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Publication numberUS20060028081 A1
Publication typeApplication
Application numberUS 11/185,745
Publication dateFeb 9, 2006
Filing dateJul 21, 2005
Priority dateAug 6, 2004
Also published asCN1731654A, CN100578898C, DE602005013454D1, EP1624552A1, EP1624552B1, US7256524
Publication number11185745, 185745, US 2006/0028081 A1, US 2006/028081 A1, US 20060028081 A1, US 20060028081A1, US 2006028081 A1, US 2006028081A1, US-A1-20060028081, US-A1-2006028081, US2006/0028081A1, US2006/028081A1, US20060028081 A1, US20060028081A1, US2006028081 A1, US2006028081A1
InventorsYuusuke Minagawa
Original AssigneeNissan Motor Co., Ltd.
Export CitationBiBTeX, EndNote, RefMan
External Links: USPTO, USPTO Assignment, Espacenet
Axial gap electric motor
US 20060028081 A1
Abstract
First and second stators are arranged on mutually spaced positions of an imaginary common axis, and first and second rotors are coaxially and rotatably arranged on mutually spaced positions of the imaginary common axis between the first and second stators.
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Claims(19)
1. An axial gap electric motor comprising:
first and second stators that are arranged on mutually spaced positions of an imaginary common axis in a manner to face each other; and
a plurality of rotors that are coaxially and rotatably arranged on mutually spaced positions of the imaginary common axis between the first and second stators.
2. An axial gap electric motor as claimed in claim 1, in which each of the rotors comprises:
a rotor back core;
a plurality of magnets that are put on opposed surfaces of the rotor back core; and
a plurality of rotor cores each being constructed of a magnetic material and arranged between adjacent two of the magnets while piercing the rotor back core.
3. An axial gap electric motor as claimed in claim 2, further comprising an outer frame that is arranged to tightly hold the magnets and the rotor cores relative to the rotor back core.
4. An axial gap electric motor as claimed in claim 2, in which the magnets are arranged in a manner to alternatively change the N and S poles thereof in a circumferential direction around the imaginary common axis.
5. An axial gap electric motor as claimed in claim 4, in which the rotor back core and each of rotor cores are constructed of a plurality of flat magnetic steel sheets that are put on one another, and in which the flat magnetic steel sheets of each rotor core are piled in a radial direction with respect to the imaginary common axis.
6. An axial gap electric motor as claimed in claim 1, in which each of the rotors comprises:
a rotor back core;
a plurality of magnets that are put on opposed surfaces of the rotor back core; and
an outer frame that tightly holds the magnets relative to the rotor back core.
7. An axial gap electric motor as claimed in claim 6, in which the magnets are arranged in a manner to alternately change the N and S poles thereof in a circumferential direction around the imaginary common axis.
8. An axial gap electric motor as claimed in claim 7, in which the rotor back core is constructed of a plurality of flat magnetic steel sheets that are put on one another.
9. An axial gap electric motor as claimed in claim 1, in which each of the rotors comprises:
a rotor back core;
a plurality of magnets that are put on one surface of the rotor back core; and
a plurality of rotor cores each being constructed of a magnetic material and arranged between adjacent two of the magnets while being embedded at one end in the core back core.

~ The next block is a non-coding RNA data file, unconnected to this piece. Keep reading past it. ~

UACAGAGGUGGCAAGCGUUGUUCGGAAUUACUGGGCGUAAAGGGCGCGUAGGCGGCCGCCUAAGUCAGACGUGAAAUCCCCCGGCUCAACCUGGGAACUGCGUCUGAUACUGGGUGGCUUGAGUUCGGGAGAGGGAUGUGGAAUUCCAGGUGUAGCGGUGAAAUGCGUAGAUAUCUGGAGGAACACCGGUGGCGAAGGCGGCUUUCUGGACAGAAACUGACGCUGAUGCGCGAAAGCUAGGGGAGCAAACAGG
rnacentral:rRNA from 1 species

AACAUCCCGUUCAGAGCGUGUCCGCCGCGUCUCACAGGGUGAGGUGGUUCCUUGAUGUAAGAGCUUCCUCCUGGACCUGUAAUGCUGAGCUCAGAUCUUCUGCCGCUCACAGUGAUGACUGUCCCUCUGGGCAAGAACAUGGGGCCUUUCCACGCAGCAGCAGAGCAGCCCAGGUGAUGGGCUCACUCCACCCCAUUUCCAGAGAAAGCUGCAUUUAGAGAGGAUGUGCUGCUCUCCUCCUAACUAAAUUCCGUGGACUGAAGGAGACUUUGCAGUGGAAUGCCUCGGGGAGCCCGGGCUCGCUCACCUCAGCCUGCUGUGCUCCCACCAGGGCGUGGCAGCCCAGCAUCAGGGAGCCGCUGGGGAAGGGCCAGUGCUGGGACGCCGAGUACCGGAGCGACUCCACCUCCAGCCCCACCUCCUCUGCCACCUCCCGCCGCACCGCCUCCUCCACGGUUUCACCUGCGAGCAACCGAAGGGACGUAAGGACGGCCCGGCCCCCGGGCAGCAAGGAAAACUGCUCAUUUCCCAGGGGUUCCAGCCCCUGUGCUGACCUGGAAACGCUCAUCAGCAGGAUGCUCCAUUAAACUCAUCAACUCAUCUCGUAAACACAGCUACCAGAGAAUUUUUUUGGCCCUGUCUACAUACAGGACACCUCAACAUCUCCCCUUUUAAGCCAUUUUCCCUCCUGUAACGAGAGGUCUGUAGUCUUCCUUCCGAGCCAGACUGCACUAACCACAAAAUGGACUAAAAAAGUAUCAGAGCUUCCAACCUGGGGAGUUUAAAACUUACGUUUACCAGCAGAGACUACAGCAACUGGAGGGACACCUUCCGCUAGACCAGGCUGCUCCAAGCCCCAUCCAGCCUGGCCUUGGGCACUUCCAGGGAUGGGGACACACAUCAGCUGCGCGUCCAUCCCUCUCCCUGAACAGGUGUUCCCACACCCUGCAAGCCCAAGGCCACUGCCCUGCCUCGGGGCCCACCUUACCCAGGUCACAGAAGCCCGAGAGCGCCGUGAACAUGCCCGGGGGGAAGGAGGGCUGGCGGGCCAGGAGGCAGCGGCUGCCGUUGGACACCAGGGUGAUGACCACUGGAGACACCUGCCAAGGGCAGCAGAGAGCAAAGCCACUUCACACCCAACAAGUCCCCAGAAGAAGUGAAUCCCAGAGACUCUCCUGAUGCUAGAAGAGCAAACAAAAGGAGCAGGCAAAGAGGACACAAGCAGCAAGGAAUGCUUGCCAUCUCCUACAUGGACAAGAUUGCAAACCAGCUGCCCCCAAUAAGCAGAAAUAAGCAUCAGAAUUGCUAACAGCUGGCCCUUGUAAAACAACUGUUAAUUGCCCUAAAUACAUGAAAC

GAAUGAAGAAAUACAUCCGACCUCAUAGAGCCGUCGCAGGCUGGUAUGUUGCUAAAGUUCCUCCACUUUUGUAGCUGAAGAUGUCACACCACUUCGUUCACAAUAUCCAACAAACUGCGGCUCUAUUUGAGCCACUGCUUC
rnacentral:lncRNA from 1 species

10. An axial gap electric motor as claimed in claim 9, further comprising an outer frame that is arranged to tightly hold the magnets and the rotor cores relative to the rotor back core.
11. An axial gap electric motor as claimed in claim 9, in which the magnets are arranged in a manner to alternatively change the N and S poles thereof in a circumferential direction around the imaginary common axis.
12. An axial gap electric motor as claimed in claim 11, in which the rotor back core and each of the rotor cores are constructed of a plurality of flat magnetic steel sheets that are put on one another and in which the flat magnetic steel sheets of each rotor core are piled in a radial direction with respect to the imaginary common axis.
13. An axial gap electric motor as claimed in claim 1, in which each of the rotors comprises:
a rotor back core;
a plurality of magnets that are put on one surface of the rotor back core;
a plurality of rotor cores each being constructed of a magnetic material and arranged between adjacent two of the magnets while piecing the rotor back core;
an annular supporting member that is attached to the other surface of the core back core;
an enlarged flange formed on one axial end of each rotor core; and
a recess formed in the annular supporting member to snugly receive the enlarged flange.
14. An axial gap electric motor as claimed in claim 13, in which each rotor core is welded to the annular supporting member.
15. An axial gap electric motor as claimed in claim 14, in which the annular supporting member is constructed of a non-magnetic metal.
16. An axial gap electric motor as claimed in claim 13, in which the magnets are arranged in a manner to alternatively change the N and S poles thereof in a circumferential direction around the imaginary common axis.
17. An axial gap electric motor as claimed in claim 16, in which the rotor back core and each of the rotor cores are constructed of a plurality of flat magnetic steel sheets that are put on one another, and in which the flat magnetic steel sheets of each core are piled in a radial direction with respect to the imaginary common axis.
18. An axial gap electric motor as claimed in claim 1, in which the first and second starts and the rotors are so arranged that under operation of the motor, there are produced a first group of loops of magnetic flux each flowing from a surface of the first stator into one rotor that faces the first stator and flowing through the rotor in an axial direction and a second group of loops of magnetic flux each flowing from a surface of the second stator into the other rotor that faces the second stator and flowing through the other rotor in an axial direction.
19. An axial gap electric motor comprising:
annular first and second stators that are coaxially arranged around an imaginary common axis;